This might not fix all of Twitter’s problems, but I hope it’ll help you enjoy reading and writing on Twitter a little more. 💖
I wish automattic (and core) would concentrate on tools to get people off social media (a sector that is increasing partisan and vacuous)
The Indieweb guts are doing great work in that area.
I absolutely agree that there are significant problems with the major social media platforms of today, but I don’t believe the answer is to take a hard line approach for getting people off social media. There’s certainly a benefit to providing tools to help people move (I launched such a tool a few months ago), but I don’t think we need to stop there. If we’re also able to improve the quality of conversations on social media, I think it’d be remiss of us to not do so.
Interestingly, one of the early inspirations for this feature were the IndieWeb discussions on Tweetstorms and POSSE.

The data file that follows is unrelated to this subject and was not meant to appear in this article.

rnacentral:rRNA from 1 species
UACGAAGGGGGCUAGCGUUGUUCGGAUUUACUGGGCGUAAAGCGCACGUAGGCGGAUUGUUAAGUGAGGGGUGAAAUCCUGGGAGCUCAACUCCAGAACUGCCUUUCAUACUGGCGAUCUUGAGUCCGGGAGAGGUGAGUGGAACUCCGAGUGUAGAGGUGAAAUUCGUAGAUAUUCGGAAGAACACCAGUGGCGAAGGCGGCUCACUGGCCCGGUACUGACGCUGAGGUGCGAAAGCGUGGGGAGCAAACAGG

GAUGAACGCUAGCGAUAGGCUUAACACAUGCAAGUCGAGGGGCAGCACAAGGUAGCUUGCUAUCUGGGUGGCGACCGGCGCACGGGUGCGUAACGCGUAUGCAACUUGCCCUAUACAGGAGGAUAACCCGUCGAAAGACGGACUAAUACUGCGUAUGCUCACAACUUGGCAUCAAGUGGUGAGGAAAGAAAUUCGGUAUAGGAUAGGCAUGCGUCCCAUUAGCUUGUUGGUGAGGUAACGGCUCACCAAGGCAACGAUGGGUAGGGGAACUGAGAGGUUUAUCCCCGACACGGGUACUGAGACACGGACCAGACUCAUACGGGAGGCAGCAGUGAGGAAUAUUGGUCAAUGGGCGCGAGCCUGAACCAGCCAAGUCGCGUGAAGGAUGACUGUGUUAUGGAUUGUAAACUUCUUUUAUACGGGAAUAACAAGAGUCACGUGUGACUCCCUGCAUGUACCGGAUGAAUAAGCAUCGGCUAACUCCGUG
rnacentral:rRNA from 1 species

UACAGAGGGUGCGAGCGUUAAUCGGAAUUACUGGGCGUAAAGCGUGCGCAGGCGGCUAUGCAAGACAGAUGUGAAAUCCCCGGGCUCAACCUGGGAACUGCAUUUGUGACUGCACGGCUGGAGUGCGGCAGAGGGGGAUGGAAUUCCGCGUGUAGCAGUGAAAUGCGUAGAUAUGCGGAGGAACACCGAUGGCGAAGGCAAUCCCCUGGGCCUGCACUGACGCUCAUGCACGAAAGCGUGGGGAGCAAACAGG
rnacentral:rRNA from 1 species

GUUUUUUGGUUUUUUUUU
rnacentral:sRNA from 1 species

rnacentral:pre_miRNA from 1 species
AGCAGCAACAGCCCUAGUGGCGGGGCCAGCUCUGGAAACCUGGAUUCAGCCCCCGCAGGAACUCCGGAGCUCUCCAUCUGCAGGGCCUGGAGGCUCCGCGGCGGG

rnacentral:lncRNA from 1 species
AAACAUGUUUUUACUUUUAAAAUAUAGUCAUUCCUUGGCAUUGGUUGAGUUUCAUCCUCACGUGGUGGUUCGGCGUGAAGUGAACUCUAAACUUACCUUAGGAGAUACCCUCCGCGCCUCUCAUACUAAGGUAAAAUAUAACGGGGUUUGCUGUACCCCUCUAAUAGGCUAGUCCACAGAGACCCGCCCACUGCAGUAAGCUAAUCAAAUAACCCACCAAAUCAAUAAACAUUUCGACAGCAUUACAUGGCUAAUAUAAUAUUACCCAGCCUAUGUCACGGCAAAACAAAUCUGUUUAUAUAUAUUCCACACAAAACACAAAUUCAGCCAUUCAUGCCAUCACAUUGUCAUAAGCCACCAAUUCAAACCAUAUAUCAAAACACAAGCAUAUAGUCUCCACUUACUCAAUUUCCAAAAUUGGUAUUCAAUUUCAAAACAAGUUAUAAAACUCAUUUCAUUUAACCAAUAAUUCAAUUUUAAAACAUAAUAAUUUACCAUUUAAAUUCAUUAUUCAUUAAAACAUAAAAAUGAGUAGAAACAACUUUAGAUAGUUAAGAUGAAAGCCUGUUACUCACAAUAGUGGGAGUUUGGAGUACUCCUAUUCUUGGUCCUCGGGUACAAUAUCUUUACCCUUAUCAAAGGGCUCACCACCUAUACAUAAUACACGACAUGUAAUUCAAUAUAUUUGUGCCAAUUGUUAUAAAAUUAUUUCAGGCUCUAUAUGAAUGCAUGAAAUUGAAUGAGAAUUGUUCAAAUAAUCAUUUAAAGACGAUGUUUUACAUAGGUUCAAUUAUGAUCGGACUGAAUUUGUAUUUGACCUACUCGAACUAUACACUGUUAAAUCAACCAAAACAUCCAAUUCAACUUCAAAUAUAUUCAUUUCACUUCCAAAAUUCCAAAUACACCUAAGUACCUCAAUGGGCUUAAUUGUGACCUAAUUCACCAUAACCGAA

Sorry if I came across negative. I’m not anti these tools in the slightest. Anything that increases choice is good in my book and the functionality is great.
I just don´t understand why Automattic aren´t adding similar functionality to support the Indieweb.
I´m in primarily Melbourne based btw, and I infrequently attend the wordpress meetups. I might catch you at one if we ever get out of lockdown.
No offence taken, I always welcome folks expressing their perspective. 🙂
I do see this feature as supporting the IndieWeb: it’s making an IndieWeb tool (WordPress) a more useful alternative to locking your content into a “corporate web” service (Twitter). Can you tell me more about where you feel Automattic could better support the IndieWeb?
I haven’t attended the Melbourne meetups in a while, but I think I’ll be up for any form of social activities more than 5km away from home! 😄
Can you share more info on how it decides what to include in each tweet? I saw reference to using blocks or something to define which section goes in which tweet, but I’m not using gutenberg. How can I make sure that full sentences are included in the tweets?